A Global Marketing Blog – Because "abroad" is a place that doesn't exist.
Provenance is a key factor in establishing credibility for a product. So what happens if you create a great product away from its typical country of origin? Vodka from Texas, anyone?
Consumers see the origin of a product or its ingredients as an indication of quality.
That’s why so many fashion, fragrance and luxury brands include the name ‘Paris” on their labels and ads. The designation Paris provides the style and refinement credentials these brands want to identify with.
Provenance is so meaningful, a long list of products are identified with a Protected Designation of Origin (PDO) certificate. This means no sparkling wine can call itself “Champagne” if it doesn’t come from that specific province in France. The same goes for a variety of products such as Parmigiano-Reggiano, Tennessee Whiskey, Asiago Cheese, Darjeeling tea, Idaho Potatoes, Colombian Coffee… To have these names on the label, these products must come from the respective designated region. The PDO designation keeps consumers from being ripped off buying knock offs of inferior quality.
While PDOs are the extreme in provenance labeling, many products don’t have a PDO buy still benefit from being linked to a certain country: Vodka from Russia, beer from Germany, pasta from Italy.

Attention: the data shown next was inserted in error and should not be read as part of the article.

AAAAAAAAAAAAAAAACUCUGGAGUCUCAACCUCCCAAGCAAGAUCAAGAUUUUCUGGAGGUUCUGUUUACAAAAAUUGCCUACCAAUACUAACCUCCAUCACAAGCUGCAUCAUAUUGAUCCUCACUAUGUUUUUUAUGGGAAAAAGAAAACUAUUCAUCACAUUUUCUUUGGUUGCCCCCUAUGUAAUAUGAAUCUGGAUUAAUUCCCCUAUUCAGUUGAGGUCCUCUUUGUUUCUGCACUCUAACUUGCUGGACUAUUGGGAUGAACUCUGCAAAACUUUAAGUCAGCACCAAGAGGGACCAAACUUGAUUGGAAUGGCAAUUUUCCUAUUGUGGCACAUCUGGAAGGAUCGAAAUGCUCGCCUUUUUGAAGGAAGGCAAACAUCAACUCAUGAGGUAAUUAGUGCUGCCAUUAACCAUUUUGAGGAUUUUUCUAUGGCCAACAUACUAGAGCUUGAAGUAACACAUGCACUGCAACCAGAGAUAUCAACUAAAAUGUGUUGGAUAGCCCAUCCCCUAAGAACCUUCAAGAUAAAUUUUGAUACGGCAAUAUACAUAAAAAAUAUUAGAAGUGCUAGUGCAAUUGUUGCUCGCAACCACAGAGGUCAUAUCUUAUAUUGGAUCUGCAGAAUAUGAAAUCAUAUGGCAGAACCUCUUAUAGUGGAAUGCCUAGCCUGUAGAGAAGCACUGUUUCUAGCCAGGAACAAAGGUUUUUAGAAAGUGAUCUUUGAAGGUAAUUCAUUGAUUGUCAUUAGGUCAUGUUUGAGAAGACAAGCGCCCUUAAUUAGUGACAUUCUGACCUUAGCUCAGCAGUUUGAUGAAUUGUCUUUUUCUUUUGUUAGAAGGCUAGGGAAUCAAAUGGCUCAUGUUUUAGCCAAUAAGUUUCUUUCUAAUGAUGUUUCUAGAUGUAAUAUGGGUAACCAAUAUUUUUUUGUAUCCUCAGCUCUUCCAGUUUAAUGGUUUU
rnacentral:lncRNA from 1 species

And now, a round of unabashedly FAKE questions and answers:
1. “Vodka is a typical product of Russia. France is the land of wine and cognac. I created a Vodka product in France. How can I turn it into a successful premium brand worldwide?”
Sure it can be done. Promote your product outside of France. That’s how Grey Goose started. Once the world recognizes you are worthy, the French might come along.
2. “The city where my product comes from is pretty down at the moment. How can I promote a premium car brand while mitigating that, and maybe even benefit from some goodwill in the meantime?”
Chrysler’s “Imported from Detroit” does just that.
And who doesn’t love the underdog coming from the wrong side of the tracks ?
3. “My headquarters are located in the U.S., but my products are produced in China.”
Split your claim in two: Talk about where the product was created, and where it was put together. Booyah! You’ve got the best of both worlds.
If your boss says it won’t work, you can reply: “But Apple does it!”
4.”I created a new type of Vodka… made out of corn, in Texas. Is there any hope?”
Yes there is. See answers #2 and #1.